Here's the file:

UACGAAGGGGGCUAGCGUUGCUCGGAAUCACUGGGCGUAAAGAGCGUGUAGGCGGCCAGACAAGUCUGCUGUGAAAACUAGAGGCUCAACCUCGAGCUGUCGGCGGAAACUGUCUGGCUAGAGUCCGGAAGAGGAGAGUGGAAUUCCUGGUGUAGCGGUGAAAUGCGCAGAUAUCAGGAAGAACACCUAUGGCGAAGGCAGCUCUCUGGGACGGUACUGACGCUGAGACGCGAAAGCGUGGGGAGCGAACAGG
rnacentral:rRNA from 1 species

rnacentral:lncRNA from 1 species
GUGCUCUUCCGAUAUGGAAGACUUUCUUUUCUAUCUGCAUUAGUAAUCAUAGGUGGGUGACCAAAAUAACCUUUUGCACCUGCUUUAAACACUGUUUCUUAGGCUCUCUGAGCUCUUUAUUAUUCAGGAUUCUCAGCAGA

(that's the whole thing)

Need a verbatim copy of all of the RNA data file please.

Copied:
UACGAAGGGGGCUAGCGUUGCUCGGAAUCACUGGGCGUAAAGAGCGUGUAGGCGGCCAGACAAGUCUGCUGUGAAAACUAGAGGCUCAACCUCGAGCUGUCGGCGGAAACUGUCUGGCUAGAGUCCGGAAGAGGAGAGUGGAAUUCCUGGUGUAGCGGUGAAAUGCGCAGAUAUCAGGAAGAACACCUAUGGCGAAGGCAGCUCUCUGGGACGGUACUGACGCUGAGACGCGAAAGCGUGGGGAGCGAACAGG
rnacentral:rRNA from 1 species

rnacentral:lncRNA from 1 species
GUGCUCUUCCGAUAUGGAAGACUUUCUUUUCUAUCUGCAUUAGUAAUCAUAGGUGGGUGACCAAAAUAACCUUUUGCACCUGCUUUAAACACUGUUUCUUAGGCUCUCUGAGCUCUUUAUUAUUCAGGAUUCUCAGCAGA